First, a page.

Let me begin by acknowledging that I have been known to enjoy bouts of teasing “Reading Propaganda.”
(Even though, that is, I certainly think books are often great disseminators of information and stories, I resist those who seem to believe that they are always superior to other forms of artistic entertainment such as movies and television.)
However, in spite of my admitted predilection for antagonizing the glorification of books, my quibble with the movie, The Reader, is not so much that it’s attempting to reinvigorate the over-stated claim that reading is the best, but instead my concern is the contrived way in which the plot pushes the point through.
Let me make the point through the aid of my friend television. On the wonderfully written television show Seinfeld, Jerry discovers one day that his dentist friend Whatley has converted to Judaism so that he can have “total joke-telling immunity” against both Jewish people and Catholics (his current and former religious groups, respectively). So Jerry complains to a Catholic representative:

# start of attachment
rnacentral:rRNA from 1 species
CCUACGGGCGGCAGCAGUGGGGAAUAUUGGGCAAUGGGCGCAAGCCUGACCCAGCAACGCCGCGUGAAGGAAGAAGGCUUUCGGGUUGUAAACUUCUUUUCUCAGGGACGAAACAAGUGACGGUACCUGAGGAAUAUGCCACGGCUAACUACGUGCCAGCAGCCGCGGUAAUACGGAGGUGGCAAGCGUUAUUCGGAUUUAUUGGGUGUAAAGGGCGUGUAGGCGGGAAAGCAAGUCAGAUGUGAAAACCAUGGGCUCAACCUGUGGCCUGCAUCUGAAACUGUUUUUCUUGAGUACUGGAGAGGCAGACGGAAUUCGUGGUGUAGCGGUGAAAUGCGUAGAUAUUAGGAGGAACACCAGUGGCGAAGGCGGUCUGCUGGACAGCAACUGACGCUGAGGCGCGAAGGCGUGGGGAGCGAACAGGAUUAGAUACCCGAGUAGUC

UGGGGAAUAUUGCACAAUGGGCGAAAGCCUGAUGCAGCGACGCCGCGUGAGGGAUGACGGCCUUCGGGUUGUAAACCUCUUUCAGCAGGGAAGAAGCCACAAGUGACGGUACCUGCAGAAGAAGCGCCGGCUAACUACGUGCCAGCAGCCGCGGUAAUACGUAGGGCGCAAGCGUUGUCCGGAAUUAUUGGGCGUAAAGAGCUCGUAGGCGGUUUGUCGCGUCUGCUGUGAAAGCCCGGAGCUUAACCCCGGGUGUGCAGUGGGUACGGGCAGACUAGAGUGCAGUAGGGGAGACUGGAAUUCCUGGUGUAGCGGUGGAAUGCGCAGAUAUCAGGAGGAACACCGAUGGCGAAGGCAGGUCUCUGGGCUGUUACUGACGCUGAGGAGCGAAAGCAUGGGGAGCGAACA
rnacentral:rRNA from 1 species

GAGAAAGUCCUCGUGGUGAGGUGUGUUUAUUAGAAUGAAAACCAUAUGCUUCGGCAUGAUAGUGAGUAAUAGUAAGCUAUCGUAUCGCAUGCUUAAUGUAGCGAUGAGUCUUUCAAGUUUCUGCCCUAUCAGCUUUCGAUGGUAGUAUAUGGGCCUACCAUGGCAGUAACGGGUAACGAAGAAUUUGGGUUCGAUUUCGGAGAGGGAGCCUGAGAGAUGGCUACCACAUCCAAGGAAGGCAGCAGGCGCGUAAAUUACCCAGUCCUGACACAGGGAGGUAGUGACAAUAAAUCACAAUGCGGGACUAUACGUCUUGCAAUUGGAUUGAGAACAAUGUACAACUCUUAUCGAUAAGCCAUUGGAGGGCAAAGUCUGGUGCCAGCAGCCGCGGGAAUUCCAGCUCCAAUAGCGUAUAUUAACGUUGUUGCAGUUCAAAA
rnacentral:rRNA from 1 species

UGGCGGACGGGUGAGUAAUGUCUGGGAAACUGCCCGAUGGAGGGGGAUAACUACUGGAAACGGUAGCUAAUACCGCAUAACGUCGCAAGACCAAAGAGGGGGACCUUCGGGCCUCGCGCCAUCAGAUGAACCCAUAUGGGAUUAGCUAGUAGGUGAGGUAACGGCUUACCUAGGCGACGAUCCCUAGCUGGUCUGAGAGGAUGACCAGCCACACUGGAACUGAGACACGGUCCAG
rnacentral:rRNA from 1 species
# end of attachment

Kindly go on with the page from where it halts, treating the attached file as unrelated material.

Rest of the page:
FATHER: Tell me your sins, my son.
JERRY: Well I should tell you that I’m Jewish.
FATHER: That’s no sin.
JERRY: Oh good. Anyway, I wanted to talk to you about Dr. Whatley. I have a suspicion that he’s converted to Judaism just for the jokes.
FATHER: And this offends you as a Jewish person?
JERRY: No, it offends me as a comedian!
Hee, hee, brilliant!
In similar (though less brilliant fashion) my contempt for The Reader is an artistic one. If you’re going to promote a dull, unoriginal cause in your movie, at least do it eloquently, not with contrived statutory rape scenes, followed by gratuitous use of the holocaust to seem like a deeper movie than you are, culminating in the heroic arrival of the blessed saviour, reading, to give the characters’ difficult lives renewed reason for being.
I’m offended as a writer.